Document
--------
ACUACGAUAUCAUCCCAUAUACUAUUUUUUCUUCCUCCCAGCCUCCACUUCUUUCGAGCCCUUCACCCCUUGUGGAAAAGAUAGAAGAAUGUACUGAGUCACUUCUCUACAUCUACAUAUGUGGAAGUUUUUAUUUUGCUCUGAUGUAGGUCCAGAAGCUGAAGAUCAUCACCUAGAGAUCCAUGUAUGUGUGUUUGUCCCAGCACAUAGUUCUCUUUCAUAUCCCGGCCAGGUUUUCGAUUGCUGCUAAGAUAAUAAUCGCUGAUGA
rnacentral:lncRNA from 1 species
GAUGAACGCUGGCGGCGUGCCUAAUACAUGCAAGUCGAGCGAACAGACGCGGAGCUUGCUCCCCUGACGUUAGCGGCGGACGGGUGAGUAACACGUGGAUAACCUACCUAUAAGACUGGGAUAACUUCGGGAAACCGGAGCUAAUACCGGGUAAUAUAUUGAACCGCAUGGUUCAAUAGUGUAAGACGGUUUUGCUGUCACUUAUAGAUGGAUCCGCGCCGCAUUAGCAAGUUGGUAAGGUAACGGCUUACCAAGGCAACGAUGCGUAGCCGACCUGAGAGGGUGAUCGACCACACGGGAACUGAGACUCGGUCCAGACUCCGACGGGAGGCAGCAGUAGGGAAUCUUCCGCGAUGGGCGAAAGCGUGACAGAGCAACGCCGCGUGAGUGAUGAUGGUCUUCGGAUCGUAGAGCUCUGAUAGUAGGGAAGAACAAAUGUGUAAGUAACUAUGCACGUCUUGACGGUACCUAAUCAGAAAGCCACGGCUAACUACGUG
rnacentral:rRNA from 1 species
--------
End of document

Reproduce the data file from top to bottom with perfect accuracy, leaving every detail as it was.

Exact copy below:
ACUACGAUAUCAUCCCAUAUACUAUUUUUUCUUCCUCCCAGCCUCCACUUCUUUCGAGCCCUUCACCCCUUGUGGAAAAGAUAGAAGAAUGUACUGAGUCACUUCUCUACAUCUACAUAUGUGGAAGUUUUUAUUUUGCUCUGAUGUAGGUCCAGAAGCUGAAGAUCAUCACCUAGAGAUCCAUGUAUGUGUGUUUGUCCCAGCACAUAGUUCUCUUUCAUAUCCCGGCCAGGUUUUCGAUUGCUGCUAAGAUAAUAAUCGCUGAUGA
rnacentral:lncRNA from 1 species
GAUGAACGCUGGCGGCGUGCCUAAUACAUGCAAGUCGAGCGAACAGACGCGGAGCUUGCUCCCCUGACGUUAGCGGCGGACGGGUGAGUAACACGUGGAUAACCUACCUAUAAGACUGGGAUAACUUCGGGAAACCGGAGCUAAUACCGGGUAAUAUAUUGAACCGCAUGGUUCAAUAGUGUAAGACGGUUUUGCUGUCACUUAUAGAUGGAUCCGCGCCGCAUUAGCAAGUUGGUAAGGUAACGGCUUACCAAGGCAACGAUGCGUAGCCGACCUGAGAGGGUGAUCGACCACACGGGAACUGAGACUCGGUCCAGACUCCGACGGGAGGCAGCAGUAGGGAAUCUUCCGCGAUGGGCGAAAGCGUGACAGAGCAACGCCGCGUGAGUGAUGAUGGUCUUCGGAUCGUAGAGCUCUGAUAGUAGGGAAGAACAAAUGUGUAAGUAACUAUGCACGUCUUGACGGUACCUAAUCAGAAAGCCACGGCUAACUACGUG
rnacentral:rRNA from 1 species